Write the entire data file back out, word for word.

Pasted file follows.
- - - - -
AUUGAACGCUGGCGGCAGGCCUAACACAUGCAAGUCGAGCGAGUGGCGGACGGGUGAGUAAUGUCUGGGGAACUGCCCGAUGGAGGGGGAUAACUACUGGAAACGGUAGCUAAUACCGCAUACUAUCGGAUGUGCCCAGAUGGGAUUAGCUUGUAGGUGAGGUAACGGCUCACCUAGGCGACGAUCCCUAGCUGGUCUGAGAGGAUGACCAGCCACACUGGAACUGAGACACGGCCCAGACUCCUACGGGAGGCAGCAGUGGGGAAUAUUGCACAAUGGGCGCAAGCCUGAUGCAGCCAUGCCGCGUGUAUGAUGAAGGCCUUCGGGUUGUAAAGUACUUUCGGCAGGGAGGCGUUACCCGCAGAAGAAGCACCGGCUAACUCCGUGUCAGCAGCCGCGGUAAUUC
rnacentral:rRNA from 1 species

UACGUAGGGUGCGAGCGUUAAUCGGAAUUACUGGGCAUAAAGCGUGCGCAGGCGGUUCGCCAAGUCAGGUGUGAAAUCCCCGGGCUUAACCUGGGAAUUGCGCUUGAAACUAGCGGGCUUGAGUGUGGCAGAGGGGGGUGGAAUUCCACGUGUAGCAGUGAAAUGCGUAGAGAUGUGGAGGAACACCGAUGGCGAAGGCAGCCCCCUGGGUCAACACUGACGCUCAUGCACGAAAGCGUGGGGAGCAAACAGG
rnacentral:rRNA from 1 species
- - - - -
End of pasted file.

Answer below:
AUUGAACGCUGGCGGCAGGCCUAACACAUGCAAGUCGAGCGAGUGGCGGACGGGUGAGUAAUGUCUGGGGAACUGCCCGAUGGAGGGGGAUAACUACUGGAAACGGUAGCUAAUACCGCAUACUAUCGGAUGUGCCCAGAUGGGAUUAGCUUGUAGGUGAGGUAACGGCUCACCUAGGCGACGAUCCCUAGCUGGUCUGAGAGGAUGACCAGCCACACUGGAACUGAGACACGGCCCAGACUCCUACGGGAGGCAGCAGUGGGGAAUAUUGCACAAUGGGCGCAAGCCUGAUGCAGCCAUGCCGCGUGUAUGAUGAAGGCCUUCGGGUUGUAAAGUACUUUCGGCAGGGAGGCGUUACCCGCAGAAGAAGCACCGGCUAACUCCGUGUCAGCAGCCGCGGUAAUUC
rnacentral:rRNA from 1 species

UACGUAGGGUGCGAGCGUUAAUCGGAAUUACUGGGCAUAAAGCGUGCGCAGGCGGUUCGCCAAGUCAGGUGUGAAAUCCCCGGGCUUAACCUGGGAAUUGCGCUUGAAACUAGCGGGCUUGAGUGUGGCAGAGGGGGGUGGAAUUCCACGUGUAGCAGUGAAAUGCGUAGAGAUGUGGAGGAACACCGAUGGCGAAGGCAGCCCCCUGGGUCAACACUGACGCUCAUGCACGAAAGCGUGGGGAGCAAACAGG
rnacentral:rRNA from 1 species